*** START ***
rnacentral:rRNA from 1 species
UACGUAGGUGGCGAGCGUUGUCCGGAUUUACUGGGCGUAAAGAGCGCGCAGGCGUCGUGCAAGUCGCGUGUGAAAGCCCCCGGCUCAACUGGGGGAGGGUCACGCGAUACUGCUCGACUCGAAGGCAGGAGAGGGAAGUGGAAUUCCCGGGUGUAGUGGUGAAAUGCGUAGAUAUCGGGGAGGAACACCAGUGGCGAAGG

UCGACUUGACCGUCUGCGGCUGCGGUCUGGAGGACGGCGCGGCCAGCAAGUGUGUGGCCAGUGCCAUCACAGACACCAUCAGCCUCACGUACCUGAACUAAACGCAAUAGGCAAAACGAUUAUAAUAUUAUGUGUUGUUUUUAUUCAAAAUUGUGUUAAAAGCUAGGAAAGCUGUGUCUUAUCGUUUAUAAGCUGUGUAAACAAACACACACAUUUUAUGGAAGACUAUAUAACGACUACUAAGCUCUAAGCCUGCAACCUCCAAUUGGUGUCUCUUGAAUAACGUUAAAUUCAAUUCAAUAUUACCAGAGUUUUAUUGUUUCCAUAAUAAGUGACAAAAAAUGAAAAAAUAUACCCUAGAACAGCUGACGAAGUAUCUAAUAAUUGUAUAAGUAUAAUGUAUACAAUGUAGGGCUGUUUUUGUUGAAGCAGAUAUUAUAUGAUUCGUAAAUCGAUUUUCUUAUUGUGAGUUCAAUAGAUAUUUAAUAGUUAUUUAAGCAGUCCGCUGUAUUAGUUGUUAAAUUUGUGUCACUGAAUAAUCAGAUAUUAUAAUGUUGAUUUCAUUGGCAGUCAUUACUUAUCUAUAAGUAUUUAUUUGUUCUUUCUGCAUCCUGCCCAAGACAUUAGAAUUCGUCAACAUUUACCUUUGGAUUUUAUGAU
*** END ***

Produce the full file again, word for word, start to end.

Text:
rnacentral:rRNA from 1 species
UACGUAGGUGGCGAGCGUUGUCCGGAUUUACUGGGCGUAAAGAGCGCGCAGGCGUCGUGCAAGUCGCGUGUGAAAGCCCCCGGCUCAACUGGGGGAGGGUCACGCGAUACUGCUCGACUCGAAGGCAGGAGAGGGAAGUGGAAUUCCCGGGUGUAGUGGUGAAAUGCGUAGAUAUCGGGGAGGAACACCAGUGGCGAAGG

UCGACUUGACCGUCUGCGGCUGCGGUCUGGAGGACGGCGCGGCCAGCAAGUGUGUGGCCAGUGCCAUCACAGACACCAUCAGCCUCACGUACCUGAACUAAACGCAAUAGGCAAAACGAUUAUAAUAUUAUGUGUUGUUUUUAUUCAAAAUUGUGUUAAAAGCUAGGAAAGCUGUGUCUUAUCGUUUAUAAGCUGUGUAAACAAACACACACAUUUUAUGGAAGACUAUAUAACGACUACUAAGCUCUAAGCCUGCAACCUCCAAUUGGUGUCUCUUGAAUAACGUUAAAUUCAAUUCAAUAUUACCAGAGUUUUAUUGUUUCCAUAAUAAGUGACAAAAAAUGAAAAAAUAUACCCUAGAACAGCUGACGAAGUAUCUAAUAAUUGUAUAAGUAUAAUGUAUACAAUGUAGGGCUGUUUUUGUUGAAGCAGAUAUUAUAUGAUUCGUAAAUCGAUUUUCUUAUUGUGAGUUCAAUAGAUAUUUAAUAGUUAUUUAAGCAGUCCGCUGUAUUAGUUGUUAAAUUUGUGUCACUGAAUAAUCAGAUAUUAUAAUGUUGAUUUCAUUGGCAGUCAUUACUUAUCUAUAAGUAUUUAUUUGUUCUUUCUGCAUCCUGCCCAAGACAUUAGAAUUCGUCAACAUUUACCUUUGGAUUUUAUGAU